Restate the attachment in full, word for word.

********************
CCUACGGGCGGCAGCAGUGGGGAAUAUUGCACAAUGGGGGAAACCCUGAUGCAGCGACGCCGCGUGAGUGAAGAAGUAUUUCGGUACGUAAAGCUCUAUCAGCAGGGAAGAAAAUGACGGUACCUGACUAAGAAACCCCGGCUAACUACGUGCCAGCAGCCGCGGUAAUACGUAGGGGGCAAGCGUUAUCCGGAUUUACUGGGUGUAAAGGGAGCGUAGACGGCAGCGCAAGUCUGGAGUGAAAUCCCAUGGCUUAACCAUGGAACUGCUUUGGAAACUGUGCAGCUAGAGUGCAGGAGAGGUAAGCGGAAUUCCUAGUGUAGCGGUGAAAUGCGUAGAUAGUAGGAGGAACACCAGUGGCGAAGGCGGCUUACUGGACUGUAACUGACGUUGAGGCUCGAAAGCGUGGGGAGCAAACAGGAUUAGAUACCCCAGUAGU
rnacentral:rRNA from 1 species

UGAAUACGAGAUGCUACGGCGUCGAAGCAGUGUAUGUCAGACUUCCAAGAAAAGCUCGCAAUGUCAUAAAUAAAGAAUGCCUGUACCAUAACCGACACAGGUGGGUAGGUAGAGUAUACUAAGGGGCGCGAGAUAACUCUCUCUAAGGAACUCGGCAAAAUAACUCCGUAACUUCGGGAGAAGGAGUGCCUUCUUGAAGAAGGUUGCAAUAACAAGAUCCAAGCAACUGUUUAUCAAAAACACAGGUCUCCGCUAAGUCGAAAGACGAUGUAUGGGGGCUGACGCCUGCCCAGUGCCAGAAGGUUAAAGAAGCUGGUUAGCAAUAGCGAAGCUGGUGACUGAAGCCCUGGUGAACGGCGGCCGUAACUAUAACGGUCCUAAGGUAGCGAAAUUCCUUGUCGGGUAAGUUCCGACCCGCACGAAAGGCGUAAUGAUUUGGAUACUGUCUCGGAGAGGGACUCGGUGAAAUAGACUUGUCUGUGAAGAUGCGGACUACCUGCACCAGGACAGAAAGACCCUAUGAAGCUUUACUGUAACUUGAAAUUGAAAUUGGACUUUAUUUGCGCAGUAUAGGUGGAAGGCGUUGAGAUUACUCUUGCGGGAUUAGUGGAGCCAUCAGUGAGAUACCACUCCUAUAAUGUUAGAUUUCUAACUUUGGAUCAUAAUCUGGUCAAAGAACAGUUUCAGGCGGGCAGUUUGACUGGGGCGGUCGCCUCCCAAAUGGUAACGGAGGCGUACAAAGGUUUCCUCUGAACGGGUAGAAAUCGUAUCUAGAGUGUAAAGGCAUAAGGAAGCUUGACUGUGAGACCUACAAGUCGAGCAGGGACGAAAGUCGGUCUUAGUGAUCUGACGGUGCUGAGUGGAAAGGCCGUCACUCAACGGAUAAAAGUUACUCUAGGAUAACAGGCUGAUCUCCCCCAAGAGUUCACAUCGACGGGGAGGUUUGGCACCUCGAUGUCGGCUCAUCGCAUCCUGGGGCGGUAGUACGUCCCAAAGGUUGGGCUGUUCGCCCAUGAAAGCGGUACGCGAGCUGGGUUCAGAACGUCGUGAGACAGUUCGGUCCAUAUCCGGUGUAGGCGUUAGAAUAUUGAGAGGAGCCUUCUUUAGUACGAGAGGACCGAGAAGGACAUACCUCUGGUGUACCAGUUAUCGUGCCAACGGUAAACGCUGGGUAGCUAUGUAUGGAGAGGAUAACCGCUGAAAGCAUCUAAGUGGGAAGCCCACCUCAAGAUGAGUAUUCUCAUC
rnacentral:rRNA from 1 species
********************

CCUACGGGCGGCAGCAGUGGGGAAUAUUGCACAAUGGGGGAAACCCUGAUGCAGCGACGCCGCGUGAGUGAAGAAGUAUUUCGGUACGUAAAGCUCUAUCAGCAGGGAAGAAAAUGACGGUACCUGACUAAGAAACCCCGGCUAACUACGUGCCAGCAGCCGCGGUAAUACGUAGGGGGCAAGCGUUAUCCGGAUUUACUGGGUGUAAAGGGAGCGUAGACGGCAGCGCAAGUCUGGAGUGAAAUCCCAUGGCUUAACCAUGGAACUGCUUUGGAAACUGUGCAGCUAGAGUGCAGGAGAGGUAAGCGGAAUUCCUAGUGUAGCGGUGAAAUGCGUAGAUAGUAGGAGGAACACCAGUGGCGAAGGCGGCUUACUGGACUGUAACUGACGUUGAGGCUCGAAAGCGUGGGGAGCAAACAGGAUUAGAUACCCCAGUAGU
rnacentral:rRNA from 1 species

UGAAUACGAGAUGCUACGGCGUCGAAGCAGUGUAUGUCAGACUUCCAAGAAAAGCUCGCAAUGUCAUAAAUAAAGAAUGCCUGUACCAUAACCGACACAGGUGGGUAGGUAGAGUAUACUAAGGGGCGCGAGAUAACUCUCUCUAAGGAACUCGGCAAAAUAACUCCGUAACUUCGGGAGAAGGAGUGCCUUCUUGAAGAAGGUUGCAAUAACAAGAUCCAAGCAACUGUUUAUCAAAAACACAGGUCUCCGCUAAGUCGAAAGACGAUGUAUGGGGGCUGACGCCUGCCCAGUGCCAGAAGGUUAAAGAAGCUGGUUAGCAAUAGCGAAGCUGGUGACUGAAGCCCUGGUGAACGGCGGCCGUAACUAUAACGGUCCUAAGGUAGCGAAAUUCCUUGUCGGGUAAGUUCCGACCCGCACGAAAGGCGUAAUGAUUUGGAUACUGUCUCGGAGAGGGACUCGGUGAAAUAGACUUGUCUGUGAAGAUGCGGACUACCUGCACCAGGACAGAAAGACCCUAUGAAGCUUUACUGUAACUUGAAAUUGAAAUUGGACUUUAUUUGCGCAGUAUAGGUGGAAGGCGUUGAGAUUACUCUUGCGGGAUUAGUGGAGCCAUCAGUGAGAUACCACUCCUAUAAUGUUAGAUUUCUAACUUUGGAUCAUAAUCUGGUCAAAGAACAGUUUCAGGCGGGCAGUUUGACUGGGGCGGUCGCCUCCCAAAUGGUAACGGAGGCGUACAAAGGUUUCCUCUGAACGGGUAGAAAUCGUAUCUAGAGUGUAAAGGCAUAAGGAAGCUUGACUGUGAGACCUACAAGUCGAGCAGGGACGAAAGUCGGUCUUAGUGAUCUGACGGUGCUGAGUGGAAAGGCCGUCACUCAACGGAUAAAAGUUACUCUAGGAUAACAGGCUGAUCUCCCCCAAGAGUUCACAUCGACGGGGAGGUUUGGCACCUCGAUGUCGGCUCAUCGCAUCCUGGGGCGGUAGUACGUCCCAAAGGUUGGGCUGUUCGCCCAUGAAAGCGGUACGCGAGCUGGGUUCAGAACGUCGUGAGACAGUUCGGUCCAUAUCCGGUGUAGGCGUUAGAAUAUUGAGAGGAGCCUUCUUUAGUACGAGAGGACCGAGAAGGACAUACCUCUGGUGUACCAGUUAUCGUGCCAACGGUAAACGCUGGGUAGCUAUGUAUGGAGAGGAUAACCGCUGAAAGCAUCUAAGUGGGAAGCCCACCUCAAGAUGAGUAUUCUCAUC
rnacentral:rRNA from 1 species